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Yang Guo, Nailang Yao, Yang Liu, Zaifeng Gao, Mowei Shen, Rende Shui; Visual Working Memory Capacity Load Does Not Modulate Distractor Processing. Journal of Vision 2019;19(10):103. doi: https://doi.org/10.1167/19.10.103.
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© ARVO (1962-2015); The Authors (2016-present)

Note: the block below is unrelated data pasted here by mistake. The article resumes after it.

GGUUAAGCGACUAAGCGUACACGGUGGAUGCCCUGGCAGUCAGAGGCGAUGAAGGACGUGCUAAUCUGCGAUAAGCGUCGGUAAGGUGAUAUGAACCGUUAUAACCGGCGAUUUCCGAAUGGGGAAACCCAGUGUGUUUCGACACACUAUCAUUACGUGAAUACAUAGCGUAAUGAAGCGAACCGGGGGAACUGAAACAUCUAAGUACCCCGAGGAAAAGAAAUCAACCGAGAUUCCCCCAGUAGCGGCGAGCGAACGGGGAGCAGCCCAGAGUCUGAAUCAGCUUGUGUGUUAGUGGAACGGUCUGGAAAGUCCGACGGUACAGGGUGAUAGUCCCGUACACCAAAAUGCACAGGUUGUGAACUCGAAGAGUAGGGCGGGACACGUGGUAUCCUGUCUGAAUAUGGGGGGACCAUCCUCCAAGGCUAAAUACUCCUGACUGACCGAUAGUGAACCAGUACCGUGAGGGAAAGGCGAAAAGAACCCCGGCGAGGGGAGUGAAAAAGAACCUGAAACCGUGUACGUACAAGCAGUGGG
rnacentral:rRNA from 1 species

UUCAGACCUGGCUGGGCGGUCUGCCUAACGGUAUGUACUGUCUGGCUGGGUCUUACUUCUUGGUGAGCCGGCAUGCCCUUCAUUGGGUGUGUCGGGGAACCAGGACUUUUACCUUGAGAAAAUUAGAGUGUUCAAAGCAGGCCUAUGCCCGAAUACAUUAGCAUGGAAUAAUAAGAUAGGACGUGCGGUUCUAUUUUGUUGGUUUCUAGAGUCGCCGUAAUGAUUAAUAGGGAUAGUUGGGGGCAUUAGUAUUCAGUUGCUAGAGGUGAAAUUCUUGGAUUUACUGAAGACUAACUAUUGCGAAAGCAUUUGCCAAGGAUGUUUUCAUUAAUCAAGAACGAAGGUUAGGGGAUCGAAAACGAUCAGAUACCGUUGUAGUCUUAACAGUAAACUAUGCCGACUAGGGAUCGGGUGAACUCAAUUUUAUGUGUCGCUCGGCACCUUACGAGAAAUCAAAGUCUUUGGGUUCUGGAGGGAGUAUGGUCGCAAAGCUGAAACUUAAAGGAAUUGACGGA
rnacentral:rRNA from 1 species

In the recent decade, researchers have explored the influence of visual working memory (WM) load on selective attention by focusing on the modulation of visual WM load on distractor processing. However, there are three distinct hypotheses (perceptual load hypothesis, resolution hypothesis, domain-specific hypothesis) with different predictions. The perceptual load hypothesis suggests that visual WM load serves as a type of perceptual load: Higher visual WM load leads to less distractor processing. The resolution hypothesis holds that the visual WM capacity load serves as a type of cognitive load, while visual WM resolution load functions as a type of perceptual load. However, the domain-specific hypothesis claims that visual WM load serves as a type of cognitive load, but only when there is a content overlap between the WM task and the perceptual task. We attempted to figure out the influence of visual WM load on distractor processing by adding a flanker task into the maintenance phase of a visual WM task. We manipulated the parameters of the task settings (including memory array and flanker task, Experiments 1–4), the perceptual load of flanker task (Experiment 5), the content overlap between WM task and flanker task (Experiment 6), and the exposure time of flanker task (Experiments 7–9). However, against all the three hypotheses, we consistently found that the visual WM load did not modulate the distractor processing in nine experiments. The implications of the current finding were discussed.
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